Worship in the Evangelical Lutheran Church of Finland follows the church year of western Christendom (similar to that of Anglicans and Roman Catholics). Specific Bible readings and prayers have been assigned to each Sunday and church holiday of the year.
The church year (ecclesiastical year, kirkkovuosi in Finnish and kyrkoåret in Swedish) begins on the First Sunday in Advent, which is the Sunday between the 27th of November and the 3rd of December. The most important church holidays come during the first half of the church year:
- Christmas (joulu in Finnish, jul in Swedish = ”Yule” in Old English, on the 25th of December),
- Easter (pääsiäinen in Finnish, påsk in Swedish; in March or April, the date varies from year to year), and
- Pentecost (Whitsunday, helluntai in Finnish, pingst in Swedish; seven weeks after Easter).
These and other holidays recount important events in the life of Jesus Christ and the beginning of Christianity.
The last Sunday of the church year, known in Finland and Sweden as ”Judgment Sunday,” is between the 20th and 26th of November. A new church year begins on the following Sunday.
Sunday is the day of the week when Jesus rose from the dead early at dawn. Every Sunday of the church year is actually a ”little Easter.” Some church holidays, however, are on other days of the week. Christmas Day and the Epiphany have fixed dates, so they can be on any day of the week. Good Friday, the day of Jesus' death, is obviously on a Friday. Ascension Day is always on a Thursday. Midsummer Festival (St. John's) and All Saints' Day are celebrated in Finland on a Saturday.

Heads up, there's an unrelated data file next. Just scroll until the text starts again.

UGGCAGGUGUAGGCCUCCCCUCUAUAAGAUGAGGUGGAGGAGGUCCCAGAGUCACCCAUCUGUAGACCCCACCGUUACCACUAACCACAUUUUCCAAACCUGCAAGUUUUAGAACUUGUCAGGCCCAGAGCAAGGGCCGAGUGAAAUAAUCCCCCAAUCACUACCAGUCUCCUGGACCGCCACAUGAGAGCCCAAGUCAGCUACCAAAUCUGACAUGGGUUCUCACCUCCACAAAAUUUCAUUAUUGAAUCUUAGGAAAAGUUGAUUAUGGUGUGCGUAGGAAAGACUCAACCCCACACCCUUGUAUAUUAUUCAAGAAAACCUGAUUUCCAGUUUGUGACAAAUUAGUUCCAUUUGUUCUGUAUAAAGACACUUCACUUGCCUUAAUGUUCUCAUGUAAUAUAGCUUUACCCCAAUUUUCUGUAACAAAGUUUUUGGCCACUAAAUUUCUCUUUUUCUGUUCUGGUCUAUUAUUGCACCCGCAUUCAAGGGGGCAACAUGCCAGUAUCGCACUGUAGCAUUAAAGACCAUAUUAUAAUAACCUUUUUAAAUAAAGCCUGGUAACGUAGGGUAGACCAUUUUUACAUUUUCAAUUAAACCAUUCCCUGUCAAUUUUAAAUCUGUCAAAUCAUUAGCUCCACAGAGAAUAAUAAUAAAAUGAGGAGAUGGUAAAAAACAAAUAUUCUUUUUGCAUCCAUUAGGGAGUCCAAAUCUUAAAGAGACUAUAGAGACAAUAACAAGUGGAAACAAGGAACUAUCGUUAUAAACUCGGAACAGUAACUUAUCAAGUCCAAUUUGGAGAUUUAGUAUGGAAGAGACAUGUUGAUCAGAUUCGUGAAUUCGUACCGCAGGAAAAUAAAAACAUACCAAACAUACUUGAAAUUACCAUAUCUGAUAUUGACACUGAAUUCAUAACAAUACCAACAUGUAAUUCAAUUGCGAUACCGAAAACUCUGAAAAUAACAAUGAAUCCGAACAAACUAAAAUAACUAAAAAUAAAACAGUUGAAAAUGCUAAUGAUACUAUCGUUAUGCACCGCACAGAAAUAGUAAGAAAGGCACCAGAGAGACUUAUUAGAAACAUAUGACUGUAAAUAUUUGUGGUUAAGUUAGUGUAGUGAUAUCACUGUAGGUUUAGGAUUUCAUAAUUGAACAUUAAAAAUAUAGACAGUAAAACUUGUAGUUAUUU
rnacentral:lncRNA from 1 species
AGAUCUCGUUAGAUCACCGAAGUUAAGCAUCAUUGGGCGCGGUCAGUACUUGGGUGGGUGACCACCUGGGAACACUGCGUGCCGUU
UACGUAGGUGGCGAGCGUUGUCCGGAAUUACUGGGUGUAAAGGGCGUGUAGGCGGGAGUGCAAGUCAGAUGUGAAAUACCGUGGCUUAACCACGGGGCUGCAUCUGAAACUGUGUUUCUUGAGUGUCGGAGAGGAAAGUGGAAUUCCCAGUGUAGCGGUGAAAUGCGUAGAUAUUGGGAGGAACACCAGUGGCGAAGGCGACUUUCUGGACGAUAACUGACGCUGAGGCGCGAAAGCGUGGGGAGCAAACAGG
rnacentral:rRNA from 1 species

Furthermore, Finns have a tendency to celebrate important festivals on the ”Eve” of the holiday (the evening before, aatto in Finnish), and traditional foods associated with certain holidays are eaten long before the festival day comes. A time of fasting (Lent) before Easter is marked in the church calendar, but only a few people in Finland actually fast in any way at that time.
This website provides English-language lists of Finnish Lutheran church holidays for a year or two. In the menu on the left, select the year you wish to view. Besides the date and English name of each Sunday and church holiday, references are given for one or two of the Bible readings designated for that day in the ELCF worship manual. The Bible readings often give a clue to the theme of the worship service and the sermon.
Please note when using the calendars: in the Church of England and in Lutheran churches in North America, the Sunday following Easter is the ”Second Sunday of Easter,” and the next one is ”Third Sunday of Easter” etc., but in Finland the Sundays following Easter are named and numbered differently, so that the Sunday following Easter is the ”First Sunday after Easter Day,” and the next one is the “Second Sunday after Easter Day” etc.
Also note: it was a custom in Finland for centuries that four “prayer days” were decreed each year in the name of the government or head of state. In many congregations, the decree has been read in church on New Year's Day. Bible readings have been specially designated to be the texts of the sermon on a “prayer day.” This practice of four annual prayer days ended in 2007. From 2008 onward there have been only two such special days, the first to coincide with the international Week of prayer for Christian unity (January 18-25) and the second to coincide with the Ecumenical Development Education Week (vastuuviikko) in October. These days are not included in the calendars on this website.